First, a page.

Before we get going I just wanna make it clear that Sebastian was awesome.
From Disney’s The Little Mermaid, young girls are indoctrinated with many preconceived notions about their traditional gender roles, which are “sets of behavioral norms assumed to accompany one’s status as male or female”. The film’s main character, Arial, falls in love with a prince and goes to major extremes to win his love. Because Arial left her close friends and family and underwent an extensive physical transformation, she ultimately is rewarded with Prince Eric’s love and affection. Arial’s actions send two discrete, yet profound, lessons. Firstly, that it is completely acceptable for a girl to abandon her family and overall lifestyle just to be with a man. Secondly, that a woman must be willing to drastically change her physical appearance in order for a man to love her. As a result of the diffusion of these messages, young women are taught that they are subordinate to men and should be willing to change themselves for someone, as if they are not already good enough.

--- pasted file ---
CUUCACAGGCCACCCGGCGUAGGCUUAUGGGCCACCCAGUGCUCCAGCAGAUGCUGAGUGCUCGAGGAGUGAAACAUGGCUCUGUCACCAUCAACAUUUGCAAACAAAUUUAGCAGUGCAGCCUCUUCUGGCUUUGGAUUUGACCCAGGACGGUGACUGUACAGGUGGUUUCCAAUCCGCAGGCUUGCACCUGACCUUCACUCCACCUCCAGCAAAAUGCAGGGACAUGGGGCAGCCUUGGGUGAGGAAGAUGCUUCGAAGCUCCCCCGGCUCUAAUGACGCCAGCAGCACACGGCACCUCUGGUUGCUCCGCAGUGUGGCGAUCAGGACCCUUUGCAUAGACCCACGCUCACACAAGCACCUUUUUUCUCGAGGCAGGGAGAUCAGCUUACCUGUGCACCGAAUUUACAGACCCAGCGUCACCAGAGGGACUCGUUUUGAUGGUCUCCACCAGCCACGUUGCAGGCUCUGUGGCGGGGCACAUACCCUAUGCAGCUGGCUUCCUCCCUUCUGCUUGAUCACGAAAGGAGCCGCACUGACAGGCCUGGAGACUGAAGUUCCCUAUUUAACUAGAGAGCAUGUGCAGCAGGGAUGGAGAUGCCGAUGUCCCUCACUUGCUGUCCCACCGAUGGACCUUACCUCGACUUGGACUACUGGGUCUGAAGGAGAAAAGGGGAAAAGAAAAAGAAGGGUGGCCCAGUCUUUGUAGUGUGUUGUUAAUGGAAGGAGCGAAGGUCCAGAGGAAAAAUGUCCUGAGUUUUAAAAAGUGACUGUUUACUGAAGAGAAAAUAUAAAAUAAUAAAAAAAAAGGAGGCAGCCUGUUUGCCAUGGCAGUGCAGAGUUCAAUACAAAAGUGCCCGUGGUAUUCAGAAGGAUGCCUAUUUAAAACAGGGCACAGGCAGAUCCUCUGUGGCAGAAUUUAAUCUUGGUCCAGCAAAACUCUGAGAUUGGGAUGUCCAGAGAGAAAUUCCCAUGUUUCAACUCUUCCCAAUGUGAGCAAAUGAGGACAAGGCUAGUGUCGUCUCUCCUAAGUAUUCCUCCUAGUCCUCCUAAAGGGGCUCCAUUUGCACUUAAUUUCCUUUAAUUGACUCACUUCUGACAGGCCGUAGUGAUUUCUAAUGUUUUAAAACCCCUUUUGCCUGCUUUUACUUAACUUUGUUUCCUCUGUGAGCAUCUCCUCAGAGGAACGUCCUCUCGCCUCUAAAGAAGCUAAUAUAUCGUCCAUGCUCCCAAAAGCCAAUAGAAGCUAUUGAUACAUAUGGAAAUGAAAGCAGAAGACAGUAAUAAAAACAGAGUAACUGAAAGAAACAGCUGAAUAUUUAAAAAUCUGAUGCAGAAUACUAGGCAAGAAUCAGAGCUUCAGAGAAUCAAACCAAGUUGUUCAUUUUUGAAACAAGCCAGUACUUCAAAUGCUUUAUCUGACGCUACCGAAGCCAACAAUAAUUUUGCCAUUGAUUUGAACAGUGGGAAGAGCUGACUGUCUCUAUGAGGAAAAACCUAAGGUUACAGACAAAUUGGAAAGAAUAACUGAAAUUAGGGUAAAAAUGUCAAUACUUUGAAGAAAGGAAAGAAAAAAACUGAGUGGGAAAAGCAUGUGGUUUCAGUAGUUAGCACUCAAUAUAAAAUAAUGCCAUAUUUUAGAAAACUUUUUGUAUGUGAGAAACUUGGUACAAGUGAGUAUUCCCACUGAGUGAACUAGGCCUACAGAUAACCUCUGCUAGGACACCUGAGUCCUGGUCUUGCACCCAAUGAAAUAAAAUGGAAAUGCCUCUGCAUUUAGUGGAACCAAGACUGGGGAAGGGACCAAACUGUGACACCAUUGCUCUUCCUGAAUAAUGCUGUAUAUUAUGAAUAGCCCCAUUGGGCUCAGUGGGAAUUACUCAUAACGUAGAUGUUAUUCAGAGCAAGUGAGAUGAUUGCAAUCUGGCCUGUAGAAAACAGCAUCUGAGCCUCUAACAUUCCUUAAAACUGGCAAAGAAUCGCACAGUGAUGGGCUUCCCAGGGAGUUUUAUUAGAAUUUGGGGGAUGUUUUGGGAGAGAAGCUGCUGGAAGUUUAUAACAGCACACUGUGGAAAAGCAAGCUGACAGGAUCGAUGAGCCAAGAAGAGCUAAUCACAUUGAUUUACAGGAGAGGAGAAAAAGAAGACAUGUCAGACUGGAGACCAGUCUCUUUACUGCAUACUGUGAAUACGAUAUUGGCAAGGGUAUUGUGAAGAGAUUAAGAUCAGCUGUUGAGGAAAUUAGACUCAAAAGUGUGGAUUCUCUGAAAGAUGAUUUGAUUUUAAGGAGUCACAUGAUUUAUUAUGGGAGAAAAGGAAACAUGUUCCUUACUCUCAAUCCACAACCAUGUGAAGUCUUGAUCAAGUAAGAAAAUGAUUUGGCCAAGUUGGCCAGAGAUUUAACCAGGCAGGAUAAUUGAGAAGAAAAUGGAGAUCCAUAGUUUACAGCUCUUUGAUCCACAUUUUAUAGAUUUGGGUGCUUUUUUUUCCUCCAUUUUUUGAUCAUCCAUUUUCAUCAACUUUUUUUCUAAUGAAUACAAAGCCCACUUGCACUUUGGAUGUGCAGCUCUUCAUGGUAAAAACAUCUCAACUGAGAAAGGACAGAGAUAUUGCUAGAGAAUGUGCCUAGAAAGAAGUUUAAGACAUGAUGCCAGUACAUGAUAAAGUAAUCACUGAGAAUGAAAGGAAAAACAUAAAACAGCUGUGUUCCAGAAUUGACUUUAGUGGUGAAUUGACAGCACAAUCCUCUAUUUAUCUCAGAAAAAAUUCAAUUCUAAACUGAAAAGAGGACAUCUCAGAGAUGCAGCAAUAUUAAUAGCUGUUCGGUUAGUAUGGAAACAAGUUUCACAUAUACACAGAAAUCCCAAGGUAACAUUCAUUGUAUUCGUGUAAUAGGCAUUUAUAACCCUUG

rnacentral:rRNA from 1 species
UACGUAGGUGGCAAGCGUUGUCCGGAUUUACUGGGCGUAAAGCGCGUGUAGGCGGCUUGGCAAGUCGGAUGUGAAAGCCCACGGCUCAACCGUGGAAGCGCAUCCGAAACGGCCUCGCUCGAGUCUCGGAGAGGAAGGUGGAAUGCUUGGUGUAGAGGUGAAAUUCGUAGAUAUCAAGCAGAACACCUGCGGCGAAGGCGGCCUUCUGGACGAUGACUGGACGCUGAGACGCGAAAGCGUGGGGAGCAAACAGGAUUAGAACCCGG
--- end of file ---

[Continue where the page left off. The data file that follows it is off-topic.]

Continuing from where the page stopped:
In addition to the previously stated gender messages, the most blatantly obvious statements about expectations of the female gender are described in Ursula’s song, Poor Unfortunate Souls. In the song, the evil witch, Ursula, explains to Arial that it is fine for her to give up her voice because she is beautiful, specifically “You have your looks, your pretty face, and don’t underestimate the importance of body language.” This statement gives off a sentiment that in order to get what one wants, all a woman needs is to be beautiful. Furthermore, Ursula explains that what a woman’s intelligence and personality is irrelevant to her worth, stating, “On land it’s much preferred for ladies not to say a word” and “It’s she who holds her tongue who gets a man.” This argument for female subordination is a clear example of a patriarchal society, in which females are subordinate to males